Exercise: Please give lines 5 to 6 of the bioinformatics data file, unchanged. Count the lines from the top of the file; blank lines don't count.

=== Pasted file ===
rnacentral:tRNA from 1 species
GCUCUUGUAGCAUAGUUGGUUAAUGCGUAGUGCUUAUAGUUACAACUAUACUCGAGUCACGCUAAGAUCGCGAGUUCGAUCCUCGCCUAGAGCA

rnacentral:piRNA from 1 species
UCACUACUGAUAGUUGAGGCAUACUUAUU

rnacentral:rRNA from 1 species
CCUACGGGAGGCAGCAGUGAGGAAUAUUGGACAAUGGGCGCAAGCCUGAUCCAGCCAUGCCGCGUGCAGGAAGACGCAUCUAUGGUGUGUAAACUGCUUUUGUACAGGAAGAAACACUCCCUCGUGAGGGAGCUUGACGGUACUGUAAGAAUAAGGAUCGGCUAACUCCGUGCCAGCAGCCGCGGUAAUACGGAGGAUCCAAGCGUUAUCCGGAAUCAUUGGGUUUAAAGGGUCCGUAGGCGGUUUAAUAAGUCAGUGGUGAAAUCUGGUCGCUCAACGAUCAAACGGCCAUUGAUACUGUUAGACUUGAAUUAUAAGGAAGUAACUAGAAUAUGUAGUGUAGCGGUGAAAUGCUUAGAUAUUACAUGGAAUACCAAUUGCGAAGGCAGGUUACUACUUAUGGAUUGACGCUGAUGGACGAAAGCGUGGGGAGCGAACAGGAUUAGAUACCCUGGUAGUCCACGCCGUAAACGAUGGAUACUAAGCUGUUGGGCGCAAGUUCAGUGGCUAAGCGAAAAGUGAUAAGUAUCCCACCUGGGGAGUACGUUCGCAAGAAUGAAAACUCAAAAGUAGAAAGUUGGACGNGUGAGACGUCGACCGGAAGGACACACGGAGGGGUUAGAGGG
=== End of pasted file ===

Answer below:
rnacentral:rRNA from 1 species
CCUACGGGAGGCAGCAGUGAGGAAUAUUGGACAAUGGGCGCAAGCCUGAUCCAGCCAUGCCGCGUGCAGGAAGACGCAUCUAUGGUGUGUAAACUGCUUUUGUACAGGAAGAAACACUCCCUCGUGAGGGAGCUUGACGGUACUGUAAGAAUAAGGAUCGGCUAACUCCGUGCCAGCAGCCGCGGUAAUACGGAGGAUCCAAGCGUUAUCCGGAAUCAUUGGGUUUAAAGGGUCCGUAGGCGGUUUAAUAAGUCAGUGGUGAAAUCUGGUCGCUCAACGAUCAAACGGCCAUUGAUACUGUUAGACUUGAAUUAUAAGGAAGUAACUAGAAUAUGUAGUGUAGCGGUGAAAUGCUUAGAUAUUACAUGGAAUACCAAUUGCGAAGGCAGGUUACUACUUAUGGAUUGACGCUGAUGGACGAAAGCGUGGGGAGCGAACAGGAUUAGAUACCCUGGUAGUCCACGCCGUAAACGAUGGAUACUAAGCUGUUGGGCGCAAGUUCAGUGGCUAAGCGAAAAGUGAUAAGUAUCCCACCUGGGGAGUACGUUCGCAAGAAUGAAAACUCAAAAGUAGAAAGUUGGACGNGUGAGACGUCGACCGGAAGGACACACGGAGGGGUUAGAGGG